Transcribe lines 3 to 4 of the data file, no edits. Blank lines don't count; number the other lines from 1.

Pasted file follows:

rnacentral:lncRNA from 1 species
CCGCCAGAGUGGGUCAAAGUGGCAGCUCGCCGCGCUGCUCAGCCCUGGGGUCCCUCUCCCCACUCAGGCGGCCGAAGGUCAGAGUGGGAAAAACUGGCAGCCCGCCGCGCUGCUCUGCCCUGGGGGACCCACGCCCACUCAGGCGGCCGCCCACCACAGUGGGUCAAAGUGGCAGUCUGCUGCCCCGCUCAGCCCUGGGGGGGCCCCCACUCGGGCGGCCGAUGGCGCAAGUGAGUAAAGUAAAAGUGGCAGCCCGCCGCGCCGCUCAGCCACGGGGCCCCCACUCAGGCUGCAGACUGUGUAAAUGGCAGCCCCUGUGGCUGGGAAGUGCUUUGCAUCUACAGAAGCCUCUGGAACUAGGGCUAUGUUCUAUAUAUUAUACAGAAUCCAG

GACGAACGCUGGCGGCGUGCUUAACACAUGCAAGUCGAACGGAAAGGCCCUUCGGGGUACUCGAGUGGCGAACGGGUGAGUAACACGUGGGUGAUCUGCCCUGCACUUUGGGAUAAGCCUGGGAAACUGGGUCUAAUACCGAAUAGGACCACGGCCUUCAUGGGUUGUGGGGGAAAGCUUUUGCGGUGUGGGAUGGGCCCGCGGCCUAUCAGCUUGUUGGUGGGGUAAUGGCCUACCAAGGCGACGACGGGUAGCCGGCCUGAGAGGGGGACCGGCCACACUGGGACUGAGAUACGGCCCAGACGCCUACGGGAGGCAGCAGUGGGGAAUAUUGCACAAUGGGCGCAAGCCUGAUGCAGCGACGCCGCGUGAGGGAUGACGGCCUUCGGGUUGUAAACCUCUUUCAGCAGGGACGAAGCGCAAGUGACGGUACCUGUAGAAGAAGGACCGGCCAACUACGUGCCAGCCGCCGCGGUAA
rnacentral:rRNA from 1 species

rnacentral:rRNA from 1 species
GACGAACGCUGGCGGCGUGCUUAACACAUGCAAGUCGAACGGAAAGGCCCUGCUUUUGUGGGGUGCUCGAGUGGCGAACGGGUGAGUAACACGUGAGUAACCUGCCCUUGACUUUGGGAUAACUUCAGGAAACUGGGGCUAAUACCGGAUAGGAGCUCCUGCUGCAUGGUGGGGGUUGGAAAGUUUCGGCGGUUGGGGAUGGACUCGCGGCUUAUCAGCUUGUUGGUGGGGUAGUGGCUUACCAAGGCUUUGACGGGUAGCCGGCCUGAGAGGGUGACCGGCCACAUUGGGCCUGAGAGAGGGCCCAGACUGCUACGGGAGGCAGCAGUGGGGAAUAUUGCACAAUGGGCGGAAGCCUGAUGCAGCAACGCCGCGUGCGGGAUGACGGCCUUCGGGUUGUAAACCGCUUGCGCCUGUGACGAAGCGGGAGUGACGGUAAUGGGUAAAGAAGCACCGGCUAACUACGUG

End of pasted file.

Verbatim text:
GACGAACGCUGGCGGCGUGCUUAACACAUGCAAGUCGAACGGAAAGGCCCUUCGGGGUACUCGAGUGGCGAACGGGUGAGUAACACGUGGGUGAUCUGCCCUGCACUUUGGGAUAAGCCUGGGAAACUGGGUCUAAUACCGAAUAGGACCACGGCCUUCAUGGGUUGUGGGGGAAAGCUUUUGCGGUGUGGGAUGGGCCCGCGGCCUAUCAGCUUGUUGGUGGGGUAAUGGCCUACCAAGGCGACGACGGGUAGCCGGCCUGAGAGGGGGACCGGCCACACUGGGACUGAGAUACGGCCCAGACGCCUACGGGAGGCAGCAGUGGGGAAUAUUGCACAAUGGGCGCAAGCCUGAUGCAGCGACGCCGCGUGAGGGAUGACGGCCUUCGGGUUGUAAACCUCUUUCAGCAGGGACGAAGCGCAAGUGACGGUACCUGUAGAAGAAGGACCGGCCAACUACGUGCCAGCCGCCGCGGUAA
rnacentral:rRNA from 1 species